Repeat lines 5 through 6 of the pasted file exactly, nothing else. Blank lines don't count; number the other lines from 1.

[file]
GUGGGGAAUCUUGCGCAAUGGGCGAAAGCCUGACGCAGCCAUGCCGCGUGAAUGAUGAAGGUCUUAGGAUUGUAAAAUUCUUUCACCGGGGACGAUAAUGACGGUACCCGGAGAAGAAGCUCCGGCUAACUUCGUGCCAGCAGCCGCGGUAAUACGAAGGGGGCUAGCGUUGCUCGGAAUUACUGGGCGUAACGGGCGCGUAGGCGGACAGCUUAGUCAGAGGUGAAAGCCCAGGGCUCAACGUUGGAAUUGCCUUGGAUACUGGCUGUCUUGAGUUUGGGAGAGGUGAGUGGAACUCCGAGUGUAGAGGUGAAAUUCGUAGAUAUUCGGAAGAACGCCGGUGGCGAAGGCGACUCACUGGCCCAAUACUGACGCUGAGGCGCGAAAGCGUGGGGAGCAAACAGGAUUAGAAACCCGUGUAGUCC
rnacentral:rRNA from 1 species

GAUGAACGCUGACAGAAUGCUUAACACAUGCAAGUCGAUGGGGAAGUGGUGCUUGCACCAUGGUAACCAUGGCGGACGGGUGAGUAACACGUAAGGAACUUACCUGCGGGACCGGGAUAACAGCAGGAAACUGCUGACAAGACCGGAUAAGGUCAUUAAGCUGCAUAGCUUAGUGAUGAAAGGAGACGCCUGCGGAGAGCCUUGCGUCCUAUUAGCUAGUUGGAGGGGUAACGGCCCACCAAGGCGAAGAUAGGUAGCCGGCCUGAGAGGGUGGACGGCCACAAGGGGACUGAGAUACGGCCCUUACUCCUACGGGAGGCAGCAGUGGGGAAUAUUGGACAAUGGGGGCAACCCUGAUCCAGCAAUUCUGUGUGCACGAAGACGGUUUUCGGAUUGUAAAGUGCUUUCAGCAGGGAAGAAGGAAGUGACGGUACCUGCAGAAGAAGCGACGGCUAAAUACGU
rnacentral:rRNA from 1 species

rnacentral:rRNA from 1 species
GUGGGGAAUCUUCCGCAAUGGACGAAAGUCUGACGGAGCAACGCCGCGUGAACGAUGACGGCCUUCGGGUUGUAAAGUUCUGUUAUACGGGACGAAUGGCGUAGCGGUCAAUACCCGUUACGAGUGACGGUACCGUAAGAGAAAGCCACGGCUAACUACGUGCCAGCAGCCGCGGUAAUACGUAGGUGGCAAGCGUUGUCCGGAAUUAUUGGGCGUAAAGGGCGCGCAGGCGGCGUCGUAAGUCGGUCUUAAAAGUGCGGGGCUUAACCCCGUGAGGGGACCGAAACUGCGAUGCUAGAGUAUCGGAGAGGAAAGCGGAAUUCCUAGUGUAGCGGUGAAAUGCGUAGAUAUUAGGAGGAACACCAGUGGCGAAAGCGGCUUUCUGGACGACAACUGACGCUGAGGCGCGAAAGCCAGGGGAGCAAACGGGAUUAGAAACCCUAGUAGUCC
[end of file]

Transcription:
rnacentral:rRNA from 1 species
GUGGGGAAUCUUCCGCAAUGGACGAAAGUCUGACGGAGCAACGCCGCGUGAACGAUGACGGCCUUCGGGUUGUAAAGUUCUGUUAUACGGGACGAAUGGCGUAGCGGUCAAUACCCGUUACGAGUGACGGUACCGUAAGAGAAAGCCACGGCUAACUACGUGCCAGCAGCCGCGGUAAUACGUAGGUGGCAAGCGUUGUCCGGAAUUAUUGGGCGUAAAGGGCGCGCAGGCGGCGUCGUAAGUCGGUCUUAAAAGUGCGGGGCUUAACCCCGUGAGGGGACCGAAACUGCGAUGCUAGAGUAUCGGAGAGGAAAGCGGAAUUCCUAGUGUAGCGGUGAAAUGCGUAGAUAUUAGGAGGAACACCAGUGGCGAAAGCGGCUUUCUGGACGACAACUGACGCUGAGGCGCGAAAGCCAGGGGAGCAAACGGGAUUAGAAACCCUAGUAGUCC